Education Act 2002 for purchasing or commissioning of services and
the impetus of Children’s Trusts should ensure the extended
schools approach endures and grows.

Responding to the needs of the whole child need not interfere
with high quality teaching and learning and may, at times, enable
and enhance it. Continuous professional development and training is
fundamental as is liberating the social entrepreneurs to get on
with the job. What is clear is that recasting the relationship
between the institution of “the school” and the wider community is
a hard job. But, that doesn’t mean it should not be

Our challenge in the public, private and not-for-profit sector
is to ensure that this approach develops and adds value to services
for children and their families and to the wider goals of local

Ty Goddard is Schools in the Community strategic
manager, Brighton & Hove City Council. He writes here in a
personal capacity.

Extended schools: key points

Developing an extended school should be a whole school policy,
it’s not just a matter of bolting-on new bits and pieces.

  • Leadership and management of activities is key – does the
    school have the capacity and skills needed?
  • Be clear about expectations, including the links between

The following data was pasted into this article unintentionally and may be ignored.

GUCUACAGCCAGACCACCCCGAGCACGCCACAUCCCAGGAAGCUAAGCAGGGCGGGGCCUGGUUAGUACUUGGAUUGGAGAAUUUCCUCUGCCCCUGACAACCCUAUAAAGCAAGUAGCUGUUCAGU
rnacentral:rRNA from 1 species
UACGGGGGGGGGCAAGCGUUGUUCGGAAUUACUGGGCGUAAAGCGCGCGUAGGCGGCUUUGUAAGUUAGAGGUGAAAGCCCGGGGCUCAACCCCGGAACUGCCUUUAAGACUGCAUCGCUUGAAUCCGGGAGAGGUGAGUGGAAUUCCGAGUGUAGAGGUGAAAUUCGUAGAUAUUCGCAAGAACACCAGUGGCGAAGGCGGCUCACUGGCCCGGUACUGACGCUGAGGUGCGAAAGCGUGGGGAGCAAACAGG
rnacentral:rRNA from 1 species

attainment and non-curriculum activities.
  • Make sure organisational structures can liberate rather than
    stifle creativity, and identify the social entrepreneurs in your
    school or community.
  • Will you be able to redesign your school? Small changes can
    provoke big reactions.

What do participants say?

“Many of the young people we’re talking about, who have
had to cope with enormous difficulties, can end up feeling guilty
themselves… The opportunity to talk to somebody who is
professionally trained, who can offer to listen, other than a
teacher or their parents with no axe to grind and without
information going elsewhere, is hugely important.”
Hove Park School head teacher on counselling

“With all the speech and language support there is also an
element of passing on information. As the therapist only comes at a
given time, a lot of the work has to be delegated to our own staff.
We have excellent support staff who are responsible for carrying on
the work. So there is an element of training and staff development.
So with that small team we are beginning to get a lot of
Coldean Primary School head teacher on Speech and

“The counsellors have been surprised by the extent of the needs
of parents; they have presented complex and distressing
difficulties. The parents reported back that family life has
improved and the children’s behaviour has improved and that
they’ve had positive feedback from their teachers.”
St Bartholomew’s Primary School head teacher on

“Already because of her being in place, some of our year elevens
who left in June, left with a key skills qualification… She is
out there in the placement, gathering the evidence helping them
make a portfolio. And they have all gone onto NVQ courses and I
don’t think they would have done without this help.”
Patcham High School head teacher on work-related programme
(helping children with specific difficulties in work

“We are having no problem in finding clients whatsoever and if
anything could fill up more of her time. The next thing we would
like her to get out and about, advising teachers how to deal with
mental health issues at school”.
On the use of a CAMHS specialist

Source: Brighton and Hove City Council Pathfinder
Evaluation 2004.